Government Should Stop Promoting Unemployment During COVID-19


American prosperity always has relied on the fact that we are the most productive people in human history.

Unfortunately, some short-term Band-Aids for the widespread economic distress caused by the coronavirus lockdowns may have substantial negative effects that make it harder for Americans to get back on their feet.

While much of what is in the CARES Act passed by Congress will be important in mitigating the damage of the COVID-19 pandemic, some provisions already are creating bad, unintended consequences.

One problem has been the federal unemployment insurance that gives unemployed Americans $600 a week no matter what they were making before they lost their jobs.

A coffee shop owner in Harlan, Ky. explained why it’s hard for small businesses to retain staff right now.

“The very people we hired have now asked us to be laid off,” wrote Sky Marietta, who owns the shop with her husband, Greg, according to NPR. “Not because they did not like their jobs or because they did not want to work, but because it would cost them literally hundreds of dollars per week to be employed.”

The federal government is offering $600 a week on top of state unemployment benefits, which means that for many, being unemployed is more lucrative than staying at work.

“You also have to think [of] the benefit of not having to go to work, especially during a pandemic,” Marietta said in her interview with NPR. “It’s not that we don’t wish that we could pay our employees at that level all the time. You’re always wanting to pay your staff the best you possibly can. But to be put in a position where you can’t compete with them being at home, unemployed, it’s really tricky. It’s a really difficult situation to be in.”

Other issues have cropped up too.

For instance, when Jamie Black-Lewis, owner of the Oasis Medspa & Salon and Amai Day Spa, in Washington state, received two forgivable loans through the new federal Paycheck Protection Program, she said she thought it was a godsend to help retain her 35 employees who had their pay halted.

However, she said, the loans actually made many of her employees angry. The reaction she got was a “firestorm of hatred about the situation,” Black-Lewis said, according to CNBC.

Why?

Because these employees figured out they can make more money from unemployment than employment.

“It’s a windfall they see coming,” Black-Lewis said of unemployment in the CNBC interview. “In their mind, I took it away.”

The problem is, again, the extra $600 that people receive per week through the federal program, set to continue through July, can exceed what they’d make otherwise.

In a paper for The Heritage Foundation published Tuesday, Drew Gonshorowski and Rachel Greszler laid out what this looks like nationally:

The median full-time worker in America (who earns $933 per week, or $48,500 per year) would earn about 15% more from unemployment insurance—an additional $2,300 over the course of four months of unemployment—than if he had remained employed. The lower that workers’ earnings are, the greater financial incentive they will have to collect unemployment insurance instead of staying employed.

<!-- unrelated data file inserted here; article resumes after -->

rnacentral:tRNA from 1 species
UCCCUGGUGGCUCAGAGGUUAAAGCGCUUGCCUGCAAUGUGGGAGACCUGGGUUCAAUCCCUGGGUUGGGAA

A full-time minimum-wage worker would receive 157% more from unemployment—a total of $7,900 more over four months—than from employment. Part-time and low-wage workers would benefit the most. Someone working 10 hours per week at the minimum wage—perhaps a high school student with a part-time job—would receive 778% more, or a total of $9,800 extra, over four months of unemployment than she would [in] remaining employed.

While the temporary nature of this program—for now—may mitigate some of the long -term negative effects, consider this: What’s going to happen to businesses that stay open or try to reopen in coming months but can’t retain employees?

Some business owners may simply use the increased unemployment benefits as an excuse to lay off workers, but many simply won’t be in business much longer.

When the enlarged unemployment benefits run out, countless Americans will find no work to return to. In many cases, they potentially also will be severed from health care coverage, which in America is typically tied to employers.

So, back on the dole. Not good.

This unemployment provision, created in a time of unquestioned crisis, reveals the fundamental problem of making it more lucrative not to work than to work.

Yet, some have suggested that an expanded version of these payments become a permanent part of the American system. House Speaker Nancy Pelosi recently suggested that in the wake of the coronavirus pandemic, America should consider a minimum income guarantee.

As Gonshorowski and Greszler recommend, changing the unemployment benefit so that it doesn’t exceed 100% of a worker’s previous wages could help prevent abuse of the system and ensure we aren’t encouraging people to abandon their jobs.

More than that, we must reject calls to make such a system a permanent feature of American life.





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